Low Soil Temperature Inhibits Yield of Rice Under Drip Irrigation

  • Jun Zhang
  • Jianwei Hou
  • Haoyu Zhang
  • Chaoran Meng
  • Xinjiang Zhang
  • Changzhou WeiEmail author
Research Article


Drip irrigation has recently been proposed as a water-saving method for rice cultivation. Growers have observed that rice yields are less under drip irrigation than under flood irrigation; however, the reason is unclear. The objective of this two-factor experiment was to compare the effects of irrigation method (flood irrigation and drip irrigation) and soil temperature (18, 24, and 30 °C) on rice physiology and yield. The results showed that at 30 °C soil temperature, drip irrigation reduced the photosynthetic activity of rice compared with flood irrigation. Drip irrigation also (i) increased the activities of superoxide dismutase by 5% and catalase by 27% and (ii) reduced endogenous hormone concentrations. At 18 °C soil temperature, drip irrigation significantly increased SOD (+ 7%) and CAT (+ 23%) and significantly reduced GA (− 25%) and IAA (− 16%) concentrations compared with flood irrigation. The ZR+Z concentrations were 13% less in drip irrigation than in flood irrigation at low soil temperature. The negative effects of low soil temperature (18 and 24 °C) were greater under drip irrigation than under flood irrigation, suggesting that low soil temperature exacerbated the stress that rice was under in the drip irrigation system. Drip irrigation significantly reduced the secondary spikelet number compared with flood irrigation. This led to a significant yield reduction. Overall, the combination of low soil temperature and drought stress may be the main reason for the marked decline in the yield of drip-irrigated rice in northern Xinjiang Province.


Soil temperature Rice Drip irrigation Flood irrigation Yield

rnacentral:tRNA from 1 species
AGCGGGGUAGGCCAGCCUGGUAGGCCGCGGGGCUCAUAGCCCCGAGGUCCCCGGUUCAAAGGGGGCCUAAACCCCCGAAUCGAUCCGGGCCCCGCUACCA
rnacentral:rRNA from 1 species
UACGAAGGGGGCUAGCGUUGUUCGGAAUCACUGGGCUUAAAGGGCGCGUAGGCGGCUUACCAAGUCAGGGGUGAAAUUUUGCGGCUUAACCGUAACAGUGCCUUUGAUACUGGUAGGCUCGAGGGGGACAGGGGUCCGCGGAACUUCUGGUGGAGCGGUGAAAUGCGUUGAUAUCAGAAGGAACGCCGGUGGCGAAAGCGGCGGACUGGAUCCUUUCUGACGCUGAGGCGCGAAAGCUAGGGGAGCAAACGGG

Drip irrigation


Flood irrigation


Photosynthetic rate


Stomatal conductance


Intercellular CO2 concentration


Transpiration rate


Superoxide dismutase








Gibberellic acid


Abscisic acid


Indole-3-acetic acid


Zeatin riboside + zeatin


Survived primary branches


Survived secondary branches


Survived spikelets on primary branches


Survived spikelets on secondary branches



We are thankful to Dr. William Gale for his help with the language editing of this manuscript.


This work was supported by the National High Technology Research and Development Program of China (2011AA100508), the National Science Funds of China (31471947), and the National Science Funds of China (31860587).


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Copyright information

© Sociedad Chilena de la Ciencia del Suelo 2019

Authors and Affiliations

  • Jun Zhang
    • 1
    • 2
  • Jianwei Hou
    • 1
  • Haoyu Zhang
    • 1
  • Chaoran Meng
    • 1
  • Xinjiang Zhang
    • 1
  • Changzhou Wei
    • 1
    Email author
  1. 1.Key Lab of Oasis Ecology Agriculture of Xinjiang Production and Construction Group, Agriculture CollegeShihezi UniversityShiheziPeople’s Republic of China
  2. 2.Collaborative Innovation Center of Water Security for Water Source Region of Mid-line of South-to-North Diversion Project of Henan ProvinceNanyang Normal UniversityNanyangPeople’s Republic of China

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